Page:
- The Constantiaberg wine region specialises in dessert wines and white wines, even a few red variants outsourced from some of their sister farms in Stellenbosch and Robertson. Their dessert wines are also world-renowned as evident in a bottle of Vin de Constance (a famous Klein Constantia desert wine), which was picked up off the coast of Delaware, USA in 2004 dating back to the 1700s.
Tips for Virgin Wine Tasters/ Drinkers
- If you’re a hardened red wine drinker such as me here’s some advice. Although red wine is great over ice in the summer, Chardonnay is by far a first class switch for the summer. It’s dry, yet fruity, mild but bold and could be considered literally the “red wine” of white, and will have you finishing off at least a bottle or two.
- Look, if you feel compelled to do the wine swirl, sniff, taste and spit, be our guest. And do so with pride, everyone does it from time to time and it’s a great way to enhance your experience and not get drunk. Or you could just drink it and let the feeling do the tasting for you.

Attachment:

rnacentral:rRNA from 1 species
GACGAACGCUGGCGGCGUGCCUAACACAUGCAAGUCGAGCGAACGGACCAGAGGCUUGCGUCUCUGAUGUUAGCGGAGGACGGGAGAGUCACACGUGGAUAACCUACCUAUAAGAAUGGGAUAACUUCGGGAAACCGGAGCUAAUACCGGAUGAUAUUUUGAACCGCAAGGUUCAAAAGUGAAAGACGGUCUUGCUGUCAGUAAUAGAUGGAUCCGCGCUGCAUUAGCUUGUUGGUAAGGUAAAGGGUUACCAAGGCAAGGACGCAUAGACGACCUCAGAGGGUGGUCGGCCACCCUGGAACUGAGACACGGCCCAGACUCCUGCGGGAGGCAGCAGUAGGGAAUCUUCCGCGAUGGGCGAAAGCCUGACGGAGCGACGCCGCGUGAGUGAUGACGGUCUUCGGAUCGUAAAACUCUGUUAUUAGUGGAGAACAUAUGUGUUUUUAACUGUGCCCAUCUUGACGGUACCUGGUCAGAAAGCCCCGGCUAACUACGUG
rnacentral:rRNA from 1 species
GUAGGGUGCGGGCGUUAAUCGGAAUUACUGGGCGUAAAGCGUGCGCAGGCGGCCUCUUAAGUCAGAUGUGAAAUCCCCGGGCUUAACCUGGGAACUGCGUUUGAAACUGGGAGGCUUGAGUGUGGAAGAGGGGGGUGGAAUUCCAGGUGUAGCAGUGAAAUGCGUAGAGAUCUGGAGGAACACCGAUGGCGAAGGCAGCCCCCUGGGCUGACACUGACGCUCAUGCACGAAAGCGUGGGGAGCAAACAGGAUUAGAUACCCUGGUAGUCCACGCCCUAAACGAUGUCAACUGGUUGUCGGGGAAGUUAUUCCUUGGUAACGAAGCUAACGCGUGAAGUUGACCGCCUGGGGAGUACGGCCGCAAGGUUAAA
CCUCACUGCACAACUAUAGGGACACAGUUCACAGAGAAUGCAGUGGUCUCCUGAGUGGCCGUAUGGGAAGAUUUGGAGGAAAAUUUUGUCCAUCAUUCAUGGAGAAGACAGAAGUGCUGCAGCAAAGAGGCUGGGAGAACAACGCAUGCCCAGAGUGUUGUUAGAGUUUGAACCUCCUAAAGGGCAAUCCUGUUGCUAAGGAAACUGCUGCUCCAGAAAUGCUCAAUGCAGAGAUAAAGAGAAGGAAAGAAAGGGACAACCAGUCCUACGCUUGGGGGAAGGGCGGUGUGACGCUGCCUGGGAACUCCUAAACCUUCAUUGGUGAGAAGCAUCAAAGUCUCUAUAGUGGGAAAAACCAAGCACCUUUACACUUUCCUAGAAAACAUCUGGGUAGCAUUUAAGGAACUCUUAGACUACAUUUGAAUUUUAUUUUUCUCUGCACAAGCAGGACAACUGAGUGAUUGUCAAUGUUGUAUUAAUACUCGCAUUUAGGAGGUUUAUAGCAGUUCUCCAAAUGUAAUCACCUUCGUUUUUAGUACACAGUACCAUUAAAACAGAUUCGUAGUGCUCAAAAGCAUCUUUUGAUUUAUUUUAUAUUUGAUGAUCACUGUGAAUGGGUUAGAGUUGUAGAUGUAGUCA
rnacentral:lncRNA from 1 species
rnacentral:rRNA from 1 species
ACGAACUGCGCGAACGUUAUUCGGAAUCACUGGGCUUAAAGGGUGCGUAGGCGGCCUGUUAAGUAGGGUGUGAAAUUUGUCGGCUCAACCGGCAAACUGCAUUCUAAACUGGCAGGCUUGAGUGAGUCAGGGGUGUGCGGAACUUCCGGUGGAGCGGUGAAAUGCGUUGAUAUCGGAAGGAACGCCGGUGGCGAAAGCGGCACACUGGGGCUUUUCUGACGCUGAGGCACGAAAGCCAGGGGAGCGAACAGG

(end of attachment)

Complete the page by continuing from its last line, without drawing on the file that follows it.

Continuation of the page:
- If visiting only one wine farm, go later in the day. Firstly it’s less crowded and secondly it’s a lot more fun. By then the staff have loosened up a bit and would rather have you finish the last of their tasting wine than throw it away. For it should never go to waste, agreed?
Going wine tasting in the Constantiaberg ranks highly on the Nomadic Existence: Fun Things to do this summer in Cape Town.
Special thanks go out to the staff at both Groot and Klein Constantia wine farms, the friends we made and our friends Richard, Beth and little paddy. Who helped us with making a decision on which wine farms to visit providing us with an experience we normally would not have had.
Our tastings took place on Friday the 21st of November 2014.
By Slippery Joe Lyzard © (Writer for Nomadic Existence)
Photography: Nomadic Bug ©
Nomadic Existence 2015 ©